3. Blogger So Dear: Wait, a positive article about Wake Forest basketball??? It comes on the heels of Jeff Bzdelik’s best win ever in knocking off undefeated Miami at home (for the agony bordering denial — we’ve all been there — side of thingsState of the U has you covered). Robert Reinhard took a look at Wake Forest’s promising young core. Specifically, Codi Miller McIntyre looked excellent in that game, and he and Devin Thomas in particular have the potential to be great ACC players. Believe it or not, Wake Forest is slowly moving in the right direction.
  4. The Sporting News: Here’s an interesting idea. In lieu of the Big East crumbling, David Steele suggests that the conference host a challenge with the Catholic 7. The new challenge would allow blue-blooded rivalries like GeorgetownSyracuse to continue after the Orange moves to the ACC. The new challenge would draw eyes (both in person and through the television) and money. It’s unlikely to occur, but the plan does provide a solution to the common claim that coaches don’t listen well.
  5. BC Interruption:  With season’s end on the horizon, it’s time to start seeing the standings as potential match-ups the weekend leading up to Selection Sunday at the ACC Tournament. Everyone should be itching to play Virginia Tech and the Erick Green show, but the middle of the league is so jumbled that it’s definitely worth watching the standings alone.
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ACC M5: 02.21.13 Edition

Posted by mpatton on February 21st, 2013


  1. Fox Sports: I would’ve said the ACC Player of the Year race was a dead heat as late as last week. But as long as Miami keeps dominating the league (even by low margins of victory), I’m starting to think Shane Larkin holds the best card. Barring some outrageous performances to close out the season (and at least one marquee win) Erick Green should be done. It may not be fair, but life isn’t fair. Mason Plumlee has a very good shot at the award too — assuming he bounces back to form after struggling against Maryland and looks good against Miami (a Duke win against Miami next Saturday would turn the tables somewhat). But Larkin is the most important player on the conference’s best team. At a minimum, he and Kenny Kadji are first-teamers.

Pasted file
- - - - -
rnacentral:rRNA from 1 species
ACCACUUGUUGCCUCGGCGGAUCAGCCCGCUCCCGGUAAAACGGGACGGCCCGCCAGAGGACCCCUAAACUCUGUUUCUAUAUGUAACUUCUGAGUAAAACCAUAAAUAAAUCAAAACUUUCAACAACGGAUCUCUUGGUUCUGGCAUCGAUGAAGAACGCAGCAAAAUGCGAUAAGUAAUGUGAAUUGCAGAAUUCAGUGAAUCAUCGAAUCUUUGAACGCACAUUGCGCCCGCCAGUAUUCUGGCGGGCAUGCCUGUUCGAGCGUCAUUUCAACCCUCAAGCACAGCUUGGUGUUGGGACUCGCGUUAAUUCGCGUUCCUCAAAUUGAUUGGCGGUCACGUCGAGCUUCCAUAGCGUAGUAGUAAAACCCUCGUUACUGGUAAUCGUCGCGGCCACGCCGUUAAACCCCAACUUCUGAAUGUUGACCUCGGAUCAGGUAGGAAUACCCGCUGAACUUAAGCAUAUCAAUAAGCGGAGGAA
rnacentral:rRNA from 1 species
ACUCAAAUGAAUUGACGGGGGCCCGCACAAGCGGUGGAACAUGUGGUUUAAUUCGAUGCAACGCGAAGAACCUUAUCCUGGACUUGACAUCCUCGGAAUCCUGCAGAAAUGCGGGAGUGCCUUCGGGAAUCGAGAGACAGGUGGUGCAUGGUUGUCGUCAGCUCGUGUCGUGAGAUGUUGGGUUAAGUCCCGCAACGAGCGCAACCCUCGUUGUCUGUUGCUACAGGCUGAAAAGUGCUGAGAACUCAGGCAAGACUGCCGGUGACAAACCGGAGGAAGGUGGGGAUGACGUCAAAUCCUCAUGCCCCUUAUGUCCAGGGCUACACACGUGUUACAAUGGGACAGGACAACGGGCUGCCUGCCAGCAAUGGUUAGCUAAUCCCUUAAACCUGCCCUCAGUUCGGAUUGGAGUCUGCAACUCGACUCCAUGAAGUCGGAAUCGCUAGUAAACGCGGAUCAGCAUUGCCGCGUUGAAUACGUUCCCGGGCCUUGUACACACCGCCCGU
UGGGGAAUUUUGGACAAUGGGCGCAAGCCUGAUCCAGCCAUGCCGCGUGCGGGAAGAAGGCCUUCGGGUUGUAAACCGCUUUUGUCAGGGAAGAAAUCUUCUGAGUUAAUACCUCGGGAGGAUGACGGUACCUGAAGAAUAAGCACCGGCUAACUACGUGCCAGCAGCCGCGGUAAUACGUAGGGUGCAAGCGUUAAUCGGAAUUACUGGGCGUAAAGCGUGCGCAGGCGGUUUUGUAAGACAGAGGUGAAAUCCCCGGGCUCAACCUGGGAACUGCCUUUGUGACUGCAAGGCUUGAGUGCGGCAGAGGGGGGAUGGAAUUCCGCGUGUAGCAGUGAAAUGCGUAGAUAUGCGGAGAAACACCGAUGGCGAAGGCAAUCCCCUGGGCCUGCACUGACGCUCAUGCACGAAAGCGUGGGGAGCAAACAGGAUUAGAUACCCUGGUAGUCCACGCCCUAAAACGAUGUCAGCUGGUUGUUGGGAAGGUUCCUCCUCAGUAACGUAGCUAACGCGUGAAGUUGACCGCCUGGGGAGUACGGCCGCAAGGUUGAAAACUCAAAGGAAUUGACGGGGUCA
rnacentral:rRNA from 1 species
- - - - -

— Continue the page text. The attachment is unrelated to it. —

2. Orlando Sentinel: Great news out of Tallahassee, as Terrance Shannon has been cleared for no-contact practice. Shannon suffered a nasty neck injury early in conference play at Virginia. He had to be carted off the court in one of the scarier moments of the season. Apparently, Shannon sought a second opinion and will be back much sooner than expected. Assuming the rest of his rehabilitation goes according to schedule, it’s possible he’ll be back before the end of the season. Shannon adds tons of energy and toughness to a young Florida State front line.
  3. Duke Basketball Report: Every year there’s a team in the ACC (usually one in the lower tier) that plays more than its fair share of close games. This year three of the league’s bottom five teams are struggling to win the close ones. Just in conference games alone, Boston College, Clemson and Georgia Tech are a combined 4-15 in games decided by five points or fewer. Meanwhile, all of Florida State’s conference wins have been by five points or fewer (thank Michael Snaer for that 6-1 record in close games), while close games are a coin flip for Wake Forest and NC State. Miami is the only team unblemished in close games with a 4-0 record, although the Hurricanes have been flirting with disaster recently.
  4. Washington Post: That sound was Maryland falling back to the wrong side of the bubble after a brutal letdown loss at Boston College following its emotional upset win against Duke. Want to know what this Maryland team is starting to look dangerously like? A worse version of 2010-11 Virginia Tech. Ugly non-conference resume with no quality wins? Check. Talented roster shaped largely around two dynamic players but with a fatal flaw? Check (the Hokies couldn’t shoot; Maryland can’t hold onto the basketball). Huge upset win over Duke that boosted NCAA hopes dramatically immediately followed by a soul-crushing loss to Boston College? Check. NIT? Yes and to be determined.
  5. Kansas City Star: The details of Frank Haith‘s notice of allegations were released by Missouri. The reported “unethical conduct” charge was dropped to “failure to monitor” (which is far less severe). The big charge levied against Haith is that he failed to notify the athletic department of Nevin Shapiro’s instability and gave money to an assistant to pass along to the renegade booster. With the NCAA’s recent struggles, it’s hard to see Haith’s punishment with much teeth. If the NCAA does try to get medieval, expect him to fight back and potentially get a settlement. A suspension of some kind is the most likely punishment.
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Lessons Learned: ACC Weekend Wrap-Up

Posted by KCarpenter on February 11th, 2013

There were some near-upsets on the road as two of the better teams in the conference narrowly escaped with wins, while most of the other match-ups were good old-fashioned beatdowns. The bulk of the ACC remains as muddled as ever while Miami continues to assert its dominance and separate from the rest of the so-called conference contenders. Does that mean we learned something new this weekend? We just might have. Here are six thoughts from the weekend’s action…